The world of captured lights
You know, it's sad that most photographs are never seen at their best ... they're only ever seen on the tiny screen of a smartphone, perhaps on the slightly larger screen of a tablet or maybe on a laptop screen.
Two things wrong there. BIG is good and screens, no matter how good, just don't give the subtlety, clarity and depth a high quality print on paper (or many other "hard copy" media) does.
When I started out on my photographic journey ... oh, far to many years ago now to think about ... we could only show other people our work when we printed it on paper or showed them a transparency. When projecting 35 mm transparencies everyone accepted there were serious limitations of the projector and environment that had a detrimental impact on the quality of image seen on the screen.
So the best way to show a shot "in all its glory" was to get a really top quality print done ... either do it yourself in the dark room or get a laboratory to do it for you.
Today with all the electronic media we have at our finger tips too many people just don't bother putting their photos on paper and showing others just what they really have achieved ... they limit their showing off to the small screens. And that's a shame.
It's really easy to produce a good quality paper image, that you might even put in a frame and put it on the wall.
Canon and Epsom (for example) make some fantastic printers that produce high quality A4 prints for just a few cents ... and the printers themselves cost in the $100 - $200 range. Five colour ink jet printers, with super fine droplet size, render colours faithfully, produce super sharp detail and produce prints that are amazingly subtle when required or bold and brassy at the other end of the spectrum. Have a look at units like the Canon MX926.
At the other end of the scale, yes the printers and ink sets are more expensive, but if you;re a professional photographer or serious enthusiast you might just want to think about one of the roll printers offered by Canon and Epsom. I have a Canon ProGraf 2000 which produces prints 60 cms wide (so a standard print is 60 x 90 cms) and the quality is STUNNING! The photograph below is five of my photographs printed on that printed displayed "gallery style" in a Sydney RSL Club.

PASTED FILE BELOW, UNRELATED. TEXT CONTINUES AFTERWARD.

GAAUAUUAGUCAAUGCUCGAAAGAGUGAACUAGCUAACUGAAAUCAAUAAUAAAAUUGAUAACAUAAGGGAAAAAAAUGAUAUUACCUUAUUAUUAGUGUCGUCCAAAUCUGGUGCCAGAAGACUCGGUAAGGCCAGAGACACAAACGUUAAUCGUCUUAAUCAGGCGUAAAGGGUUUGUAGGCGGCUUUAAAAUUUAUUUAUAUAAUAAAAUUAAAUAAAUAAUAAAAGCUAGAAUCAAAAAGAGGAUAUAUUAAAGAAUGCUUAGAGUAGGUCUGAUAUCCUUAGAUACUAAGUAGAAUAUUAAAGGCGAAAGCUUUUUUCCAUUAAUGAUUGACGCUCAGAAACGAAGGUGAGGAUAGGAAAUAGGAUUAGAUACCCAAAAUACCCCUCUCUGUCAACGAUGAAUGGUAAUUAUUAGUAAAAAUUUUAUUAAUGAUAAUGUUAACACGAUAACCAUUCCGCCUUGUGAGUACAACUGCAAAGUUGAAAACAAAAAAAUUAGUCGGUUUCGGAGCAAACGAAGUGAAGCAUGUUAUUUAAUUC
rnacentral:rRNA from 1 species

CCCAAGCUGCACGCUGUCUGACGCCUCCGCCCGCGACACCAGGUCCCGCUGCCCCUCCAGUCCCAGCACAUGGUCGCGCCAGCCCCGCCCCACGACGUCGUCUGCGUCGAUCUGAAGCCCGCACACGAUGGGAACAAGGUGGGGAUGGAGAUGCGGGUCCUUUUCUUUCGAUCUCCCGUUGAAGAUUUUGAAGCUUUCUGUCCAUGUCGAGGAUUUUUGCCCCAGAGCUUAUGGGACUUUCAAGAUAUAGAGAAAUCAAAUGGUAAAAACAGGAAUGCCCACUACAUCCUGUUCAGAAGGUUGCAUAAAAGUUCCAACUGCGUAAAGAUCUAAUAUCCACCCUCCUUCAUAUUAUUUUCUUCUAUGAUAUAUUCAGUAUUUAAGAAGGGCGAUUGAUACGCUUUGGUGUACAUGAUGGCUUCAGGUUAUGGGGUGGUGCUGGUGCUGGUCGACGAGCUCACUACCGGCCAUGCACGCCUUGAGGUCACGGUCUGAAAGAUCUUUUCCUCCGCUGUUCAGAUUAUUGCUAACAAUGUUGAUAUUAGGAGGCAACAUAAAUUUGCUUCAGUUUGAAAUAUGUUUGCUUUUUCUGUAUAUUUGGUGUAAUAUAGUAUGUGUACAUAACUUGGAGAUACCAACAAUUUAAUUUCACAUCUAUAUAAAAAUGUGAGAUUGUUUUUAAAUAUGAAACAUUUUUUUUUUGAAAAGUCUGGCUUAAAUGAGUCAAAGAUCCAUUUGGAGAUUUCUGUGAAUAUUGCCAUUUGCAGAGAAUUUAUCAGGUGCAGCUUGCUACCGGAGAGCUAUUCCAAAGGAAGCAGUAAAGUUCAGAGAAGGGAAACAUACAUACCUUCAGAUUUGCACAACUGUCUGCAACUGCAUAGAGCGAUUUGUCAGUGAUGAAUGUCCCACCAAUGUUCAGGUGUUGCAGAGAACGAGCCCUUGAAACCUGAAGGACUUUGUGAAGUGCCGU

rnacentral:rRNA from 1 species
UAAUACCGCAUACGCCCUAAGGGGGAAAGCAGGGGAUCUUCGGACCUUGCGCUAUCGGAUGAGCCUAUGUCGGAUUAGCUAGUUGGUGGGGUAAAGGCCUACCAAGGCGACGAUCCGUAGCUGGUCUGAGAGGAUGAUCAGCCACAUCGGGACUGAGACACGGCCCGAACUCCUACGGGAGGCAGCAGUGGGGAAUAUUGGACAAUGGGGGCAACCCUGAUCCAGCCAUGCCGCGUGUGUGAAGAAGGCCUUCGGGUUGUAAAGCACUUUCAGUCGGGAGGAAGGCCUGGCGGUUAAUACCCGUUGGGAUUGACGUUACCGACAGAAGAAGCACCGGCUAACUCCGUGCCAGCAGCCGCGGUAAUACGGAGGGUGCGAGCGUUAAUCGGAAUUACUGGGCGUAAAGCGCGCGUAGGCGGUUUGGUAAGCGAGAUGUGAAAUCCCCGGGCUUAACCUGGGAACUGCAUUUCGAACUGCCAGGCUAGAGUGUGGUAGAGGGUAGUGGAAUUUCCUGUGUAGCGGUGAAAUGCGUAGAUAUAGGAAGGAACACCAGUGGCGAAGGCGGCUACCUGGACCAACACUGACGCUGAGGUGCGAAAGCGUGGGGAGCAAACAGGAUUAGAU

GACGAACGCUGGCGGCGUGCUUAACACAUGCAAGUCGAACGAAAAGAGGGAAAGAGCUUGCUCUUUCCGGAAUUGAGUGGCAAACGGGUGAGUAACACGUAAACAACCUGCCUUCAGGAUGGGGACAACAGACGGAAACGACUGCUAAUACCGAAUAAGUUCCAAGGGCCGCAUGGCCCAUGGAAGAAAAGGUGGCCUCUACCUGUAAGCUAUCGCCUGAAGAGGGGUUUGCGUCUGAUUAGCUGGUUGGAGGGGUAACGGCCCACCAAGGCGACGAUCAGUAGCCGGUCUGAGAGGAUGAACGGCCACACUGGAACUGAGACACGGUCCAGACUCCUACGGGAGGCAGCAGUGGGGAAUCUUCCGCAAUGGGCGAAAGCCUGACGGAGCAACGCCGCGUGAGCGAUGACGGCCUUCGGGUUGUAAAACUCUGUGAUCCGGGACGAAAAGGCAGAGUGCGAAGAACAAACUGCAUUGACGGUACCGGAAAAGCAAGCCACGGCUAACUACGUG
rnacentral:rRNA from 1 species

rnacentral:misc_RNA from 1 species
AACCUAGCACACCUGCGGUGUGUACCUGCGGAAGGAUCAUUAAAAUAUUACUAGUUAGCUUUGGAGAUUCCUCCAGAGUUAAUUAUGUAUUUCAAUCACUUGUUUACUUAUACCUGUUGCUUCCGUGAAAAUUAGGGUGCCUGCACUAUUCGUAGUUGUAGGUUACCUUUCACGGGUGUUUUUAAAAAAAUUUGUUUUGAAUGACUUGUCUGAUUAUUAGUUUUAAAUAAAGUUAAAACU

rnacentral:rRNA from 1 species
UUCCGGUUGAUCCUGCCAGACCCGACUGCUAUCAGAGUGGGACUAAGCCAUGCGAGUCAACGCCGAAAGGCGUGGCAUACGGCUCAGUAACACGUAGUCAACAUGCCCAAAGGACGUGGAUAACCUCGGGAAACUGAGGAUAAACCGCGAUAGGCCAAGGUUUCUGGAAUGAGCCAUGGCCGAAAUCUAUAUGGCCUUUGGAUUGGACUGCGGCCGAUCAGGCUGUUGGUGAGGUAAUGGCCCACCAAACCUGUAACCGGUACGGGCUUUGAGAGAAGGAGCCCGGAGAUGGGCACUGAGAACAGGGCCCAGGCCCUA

And then once you've printed a few of your photos, how about framing them? Hanging them on the wall ... either individually or as a set/collection?
If you stick to relatively modest size prints ... A4 or A3 for example ... you can find inexpensive frames in all sorts of retail outlets, and some even come with mattes included. I know one photographer who found a "two dollar shop" that sold frames large enough to display A3 photos plus a matte for just $25.00!
And yes, if you get enthusiastic and interested, you can make your own frames and cut your own mattes. All you need to do is buy yourself a framing kit and matte cutter ... not that expensive in the bigger scheme of things ... and the raw materials. Plenty of places around for that sort of stuff.
Once you get over A3 size prints you probably want to think about going to a specialist framing studio to get them framed. If you do don;t be seduced by the smooth taker behind the counter who tries to convince you to have fancy mouldings with complex mattes, because that will finish up costing you more than most photographic artists even sell their photos for - one of my clients bought a set of photos for around $300 a print and the slick talking framing studio want to charge $600 per frame! Ouch!
Remember people are buying "photographic art" from photographers like myself, Ken Duncan and Peter Lik ... and they hang it on the walls of their homes and offices just like they used to hang paintings. So why not put your own work on your walls? Show it off to its best advantage.
Print it. Frame it. Hang it.
Over to you.